Anti-vaxxers are targeting NT Indigenous communities with quarantine and vaccine conspiracies
Positioned in front of a giant Aboriginal flag, a group of First Nations people speak one after another about the Northern Territory (NT)’s COVID-19 response.
The eldest, wedged between others in the middle of the couch, speaks briefly but generally about a need for unity and sovereignty. The next speakers are more specific: they rail against lockdowns (“corporate tyranny government”) and claim that COVID-19 vaccination programs are genocide.
A 14-minute video of these speeches was posted to an independent news publisher’s website on Wednesday, where it got 30,000 views in the eight hours before it was removed. Another version posted by an anti-vaccine Instagram account that purports to be run by Indigenous Australians has 100,000 views and counting.
Vaccine rates have lagged among Indigenous Australians, particularly those in rural and remote communities. Like any other community, misinformation about vaccines has also fed hesitancy including alleged intentional efforts to injure Indigenous communities. These false claims resonate because of Australia’s colonial history of scientific experiments on Indigenous Australians.
But the harsh lockdown recently imposed on parts of the NT have provided fertile conditions for misinformation. In remote communities like Binjari and Rockhole, where daily temperatures are north of 40 degrees, hundreds of residents have been ordered not to leave their homes — sometimes with 20 people to a two-bedroom house — for any reasons other than emergencies or medical care. Close contacts of COVID-19 cases in the communities have been transported to the Howard Springs quarantine camp, with the army brought in to provide transport and food supplies.
Now, anti-vaxxers and other bad actors from the NT, around Australia and abroad, are capitalising on the tough measures and confusion to spread conspiracy theories on social media, including some targeting Indigenous Australians. Claims have ranged from suspicion around quarantine camps (the same ones that international travellers quarantined in) to far-fetched ideas of forced vaccinations, military takeovers and mass deaths from vaccines.
A statement by Traditional Owners in Binjari and Rockhole refuted claims of forced vaccinations, deaths or an army takeover, NITV reports. They criticised the claims on social media that they say don’t match what’s happening on the ground: “People on social media saying that our people are being mistreated need to realise their comments are hurting the very people they claim to care about.”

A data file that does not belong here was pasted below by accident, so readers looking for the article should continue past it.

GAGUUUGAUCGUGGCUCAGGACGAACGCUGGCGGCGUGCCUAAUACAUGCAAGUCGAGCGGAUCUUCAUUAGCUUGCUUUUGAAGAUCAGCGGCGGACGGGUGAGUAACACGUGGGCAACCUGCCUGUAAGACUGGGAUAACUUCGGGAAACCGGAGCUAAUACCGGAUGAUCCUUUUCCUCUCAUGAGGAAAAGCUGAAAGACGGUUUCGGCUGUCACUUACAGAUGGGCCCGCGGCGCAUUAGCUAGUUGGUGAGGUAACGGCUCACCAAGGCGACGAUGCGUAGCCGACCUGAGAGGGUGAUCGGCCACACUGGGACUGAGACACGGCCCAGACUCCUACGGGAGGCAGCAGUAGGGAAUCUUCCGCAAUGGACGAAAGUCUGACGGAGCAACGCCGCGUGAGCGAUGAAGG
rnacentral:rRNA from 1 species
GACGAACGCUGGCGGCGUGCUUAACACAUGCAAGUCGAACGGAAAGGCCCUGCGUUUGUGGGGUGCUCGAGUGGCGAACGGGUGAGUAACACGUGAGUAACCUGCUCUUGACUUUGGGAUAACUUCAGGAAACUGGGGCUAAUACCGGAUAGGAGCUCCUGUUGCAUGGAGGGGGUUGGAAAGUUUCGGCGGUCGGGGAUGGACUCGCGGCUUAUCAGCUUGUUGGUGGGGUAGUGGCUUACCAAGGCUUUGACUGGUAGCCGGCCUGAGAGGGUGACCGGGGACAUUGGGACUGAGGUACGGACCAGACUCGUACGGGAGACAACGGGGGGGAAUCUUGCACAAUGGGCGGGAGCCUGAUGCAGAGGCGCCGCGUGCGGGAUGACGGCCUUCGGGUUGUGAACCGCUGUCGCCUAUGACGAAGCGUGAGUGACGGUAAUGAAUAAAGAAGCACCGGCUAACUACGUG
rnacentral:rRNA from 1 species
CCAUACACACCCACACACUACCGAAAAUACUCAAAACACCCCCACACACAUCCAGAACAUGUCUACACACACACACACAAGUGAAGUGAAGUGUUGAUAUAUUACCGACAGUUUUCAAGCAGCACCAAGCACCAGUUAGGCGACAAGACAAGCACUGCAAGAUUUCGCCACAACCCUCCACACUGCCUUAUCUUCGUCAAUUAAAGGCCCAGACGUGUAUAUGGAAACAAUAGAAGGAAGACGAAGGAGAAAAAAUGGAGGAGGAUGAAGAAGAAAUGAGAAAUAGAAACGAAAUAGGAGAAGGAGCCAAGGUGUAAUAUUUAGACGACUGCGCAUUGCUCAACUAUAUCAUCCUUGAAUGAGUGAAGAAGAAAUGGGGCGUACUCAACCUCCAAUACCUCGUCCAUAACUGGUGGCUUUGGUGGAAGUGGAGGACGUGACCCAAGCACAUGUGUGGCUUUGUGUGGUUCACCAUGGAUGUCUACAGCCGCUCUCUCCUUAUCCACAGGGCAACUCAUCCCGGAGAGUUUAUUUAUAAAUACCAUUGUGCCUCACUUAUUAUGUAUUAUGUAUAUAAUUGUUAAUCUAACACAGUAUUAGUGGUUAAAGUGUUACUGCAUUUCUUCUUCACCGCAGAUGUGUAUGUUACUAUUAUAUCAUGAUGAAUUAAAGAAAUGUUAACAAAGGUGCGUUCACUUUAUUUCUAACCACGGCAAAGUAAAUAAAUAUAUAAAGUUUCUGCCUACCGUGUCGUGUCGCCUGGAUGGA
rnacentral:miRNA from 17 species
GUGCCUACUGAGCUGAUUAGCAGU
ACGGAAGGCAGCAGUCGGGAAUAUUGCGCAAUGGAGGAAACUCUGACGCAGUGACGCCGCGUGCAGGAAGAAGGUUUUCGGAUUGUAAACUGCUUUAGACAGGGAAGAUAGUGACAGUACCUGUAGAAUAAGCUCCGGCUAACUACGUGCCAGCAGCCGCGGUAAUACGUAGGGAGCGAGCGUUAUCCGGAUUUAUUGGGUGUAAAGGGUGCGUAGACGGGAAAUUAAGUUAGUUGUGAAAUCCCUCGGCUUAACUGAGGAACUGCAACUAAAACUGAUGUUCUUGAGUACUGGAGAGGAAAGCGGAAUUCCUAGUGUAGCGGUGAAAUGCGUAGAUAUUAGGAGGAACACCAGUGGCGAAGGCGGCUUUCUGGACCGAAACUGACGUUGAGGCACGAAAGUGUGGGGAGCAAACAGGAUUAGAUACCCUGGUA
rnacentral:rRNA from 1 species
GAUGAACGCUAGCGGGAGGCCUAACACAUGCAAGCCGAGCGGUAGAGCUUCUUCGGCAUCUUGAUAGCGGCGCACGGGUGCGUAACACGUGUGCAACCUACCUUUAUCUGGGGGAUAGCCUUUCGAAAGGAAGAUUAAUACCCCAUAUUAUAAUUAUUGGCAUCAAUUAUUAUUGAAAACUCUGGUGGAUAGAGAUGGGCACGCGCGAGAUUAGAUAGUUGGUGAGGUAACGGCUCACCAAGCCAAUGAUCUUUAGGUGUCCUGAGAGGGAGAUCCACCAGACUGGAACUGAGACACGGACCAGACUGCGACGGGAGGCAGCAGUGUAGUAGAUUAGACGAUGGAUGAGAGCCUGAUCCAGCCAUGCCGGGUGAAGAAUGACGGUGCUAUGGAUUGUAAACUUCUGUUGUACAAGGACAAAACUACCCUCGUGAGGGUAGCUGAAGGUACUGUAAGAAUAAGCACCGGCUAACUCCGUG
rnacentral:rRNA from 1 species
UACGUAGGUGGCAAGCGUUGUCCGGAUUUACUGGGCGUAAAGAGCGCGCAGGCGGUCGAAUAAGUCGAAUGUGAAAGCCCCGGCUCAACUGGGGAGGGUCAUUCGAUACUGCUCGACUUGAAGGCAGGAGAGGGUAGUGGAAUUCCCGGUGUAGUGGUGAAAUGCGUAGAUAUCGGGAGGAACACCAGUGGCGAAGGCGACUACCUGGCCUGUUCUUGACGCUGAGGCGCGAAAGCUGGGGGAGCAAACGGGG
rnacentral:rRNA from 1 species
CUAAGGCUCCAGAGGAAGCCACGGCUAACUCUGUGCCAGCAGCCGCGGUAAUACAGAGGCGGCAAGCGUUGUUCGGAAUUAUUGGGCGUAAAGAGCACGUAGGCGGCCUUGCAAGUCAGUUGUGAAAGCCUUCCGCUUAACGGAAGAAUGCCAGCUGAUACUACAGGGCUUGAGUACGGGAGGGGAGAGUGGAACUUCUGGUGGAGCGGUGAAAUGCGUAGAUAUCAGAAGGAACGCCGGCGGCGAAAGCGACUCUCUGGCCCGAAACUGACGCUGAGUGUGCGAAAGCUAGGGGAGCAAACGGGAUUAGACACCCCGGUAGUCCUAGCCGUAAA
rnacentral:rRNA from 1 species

Conspiracy theories and baseless claims about Northern Territory quarantine dominate social media
Misinformation around the quarantine camps has dominated social media, according to social media analysis tool BuzzSumo. Of the top 10 pieces of content across Facebook, Twitter, Pinterest and Reddit in the last week featuring the keywords “Australia” and “quarantine”, only two are from mainstream publications. The rest — including the entire top five — are either from international conspiracy or fringe publications or accounts that have promoted or dog-whistling conspiracies, such as far-right libertarian blog ZeroHedge. The same trend goes for “Howard Springs” and, to a lesser extent, “Northern Territory” — showing that the most viral viewed content about what is going on is coming from unreliable or discredited voices.
User-generated content by individuals on social media has also played a large role in misinformation during the lockdowns. Viral posts about second-hand accounts about what’s happening have been circulated as fact, despite first-hand accounts disputing them.
A Facebook Live from the personal Facebook account of June Mills — who has attended previous anti-vaccine and anti-lockdown “freedom” rallies and believes that vaccinations are a scheme to kill Indigenous Australians — captured the Larrakia elder claiming she wasn’t able to contact anyone who had been transported to the quarantine facility.
“We’re almost ready to get an action group to go out to Howard Springs because we don’t trust the government, we don’t trust Michael Gunner, we don’t trust the army, we want to hear from the people on the ground,” she said.
It was viewed more than 70,000 times on her own account, but widely shared beyond that by Australian anti-vaccine influencers and groups on Telegram, Instagram and TikTok. (For comparison, a Facebook Live done by Mills on another topic a week ago received fewer than 500 views and 5 likes).